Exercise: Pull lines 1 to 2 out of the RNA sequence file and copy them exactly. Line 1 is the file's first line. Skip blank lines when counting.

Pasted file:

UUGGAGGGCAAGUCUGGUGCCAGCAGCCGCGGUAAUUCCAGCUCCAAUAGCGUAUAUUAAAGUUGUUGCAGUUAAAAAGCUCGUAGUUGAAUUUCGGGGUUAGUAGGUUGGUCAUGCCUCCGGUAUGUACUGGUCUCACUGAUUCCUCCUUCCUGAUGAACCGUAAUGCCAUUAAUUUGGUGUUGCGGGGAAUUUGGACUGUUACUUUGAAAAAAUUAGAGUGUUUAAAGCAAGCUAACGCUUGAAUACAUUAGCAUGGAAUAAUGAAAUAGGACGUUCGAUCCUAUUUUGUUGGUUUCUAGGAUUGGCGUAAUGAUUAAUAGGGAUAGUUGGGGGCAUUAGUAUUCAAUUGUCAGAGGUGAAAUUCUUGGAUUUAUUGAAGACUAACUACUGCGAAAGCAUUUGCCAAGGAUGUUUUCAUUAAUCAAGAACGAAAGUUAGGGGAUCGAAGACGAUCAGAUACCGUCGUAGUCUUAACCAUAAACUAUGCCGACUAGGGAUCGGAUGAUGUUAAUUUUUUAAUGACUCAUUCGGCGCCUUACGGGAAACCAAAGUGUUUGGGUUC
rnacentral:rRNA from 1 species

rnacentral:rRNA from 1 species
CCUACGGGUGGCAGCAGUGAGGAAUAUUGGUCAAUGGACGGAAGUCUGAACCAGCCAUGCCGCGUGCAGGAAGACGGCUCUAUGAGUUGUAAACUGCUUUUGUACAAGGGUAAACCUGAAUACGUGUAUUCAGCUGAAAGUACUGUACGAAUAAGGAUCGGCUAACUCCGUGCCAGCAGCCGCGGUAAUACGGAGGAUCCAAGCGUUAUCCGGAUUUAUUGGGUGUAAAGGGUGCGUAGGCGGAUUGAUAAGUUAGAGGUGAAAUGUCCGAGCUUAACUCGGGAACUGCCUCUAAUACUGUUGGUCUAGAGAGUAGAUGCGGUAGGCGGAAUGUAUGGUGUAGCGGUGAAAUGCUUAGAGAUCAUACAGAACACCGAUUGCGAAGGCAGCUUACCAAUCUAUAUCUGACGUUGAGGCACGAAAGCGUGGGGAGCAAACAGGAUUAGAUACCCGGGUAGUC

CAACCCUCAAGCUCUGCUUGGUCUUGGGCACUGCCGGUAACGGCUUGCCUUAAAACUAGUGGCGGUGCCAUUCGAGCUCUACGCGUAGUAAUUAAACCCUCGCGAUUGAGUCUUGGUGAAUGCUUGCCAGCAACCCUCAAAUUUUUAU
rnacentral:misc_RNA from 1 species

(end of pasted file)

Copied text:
UUGGAGGGCAAGUCUGGUGCCAGCAGCCGCGGUAAUUCCAGCUCCAAUAGCGUAUAUUAAAGUUGUUGCAGUUAAAAAGCUCGUAGUUGAAUUUCGGGGUUAGUAGGUUGGUCAUGCCUCCGGUAUGUACUGGUCUCACUGAUUCCUCCUUCCUGAUGAACCGUAAUGCCAUUAAUUUGGUGUUGCGGGGAAUUUGGACUGUUACUUUGAAAAAAUUAGAGUGUUUAAAGCAAGCUAACGCUUGAAUACAUUAGCAUGGAAUAAUGAAAUAGGACGUUCGAUCCUAUUUUGUUGGUUUCUAGGAUUGGCGUAAUGAUUAAUAGGGAUAGUUGGGGGCAUUAGUAUUCAAUUGUCAGAGGUGAAAUUCUUGGAUUUAUUGAAGACUAACUACUGCGAAAGCAUUUGCCAAGGAUGUUUUCAUUAAUCAAGAACGAAAGUUAGGGGAUCGAAGACGAUCAGAUACCGUCGUAGUCUUAACCAUAAACUAUGCCGACUAGGGAUCGGAUGAUGUUAAUUUUUUAAUGACUCAUUCGGCGCCUUACGGGAAACCAAAGUGUUUGGGUUC
rnacentral:rRNA from 1 species